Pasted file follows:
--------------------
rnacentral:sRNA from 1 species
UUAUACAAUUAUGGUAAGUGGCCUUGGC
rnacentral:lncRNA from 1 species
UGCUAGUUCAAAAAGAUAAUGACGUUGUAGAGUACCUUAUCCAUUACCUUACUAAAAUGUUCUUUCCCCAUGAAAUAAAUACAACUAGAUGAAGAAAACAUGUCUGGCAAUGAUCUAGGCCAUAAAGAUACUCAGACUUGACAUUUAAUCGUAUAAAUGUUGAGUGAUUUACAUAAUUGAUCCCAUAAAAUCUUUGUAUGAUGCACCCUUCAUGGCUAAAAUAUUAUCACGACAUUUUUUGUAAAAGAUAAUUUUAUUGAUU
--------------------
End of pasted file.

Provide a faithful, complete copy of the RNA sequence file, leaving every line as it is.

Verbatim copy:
rnacentral:sRNA from 1 species
UUAUACAAUUAUGGUAAGUGGCCUUGGC
rnacentral:lncRNA from 1 species
UGCUAGUUCAAAAAGAUAAUGACGUUGUAGAGUACCUUAUCCAUUACCUUACUAAAAUGUUCUUUCCCCAUGAAAUAAAUACAACUAGAUGAAGAAAACAUGUCUGGCAAUGAUCUAGGCCAUAAAGAUACUCAGACUUGACAUUUAAUCGUAUAAAUGUUGAGUGAUUUACAUAAUUGAUCCCAUAAAAUCUUUGUAUGAUGCACCCUUCAUGGCUAAAAUAUUAUCACGACAUUUUUUGUAAAAGAUAAUUUUAUUGAUU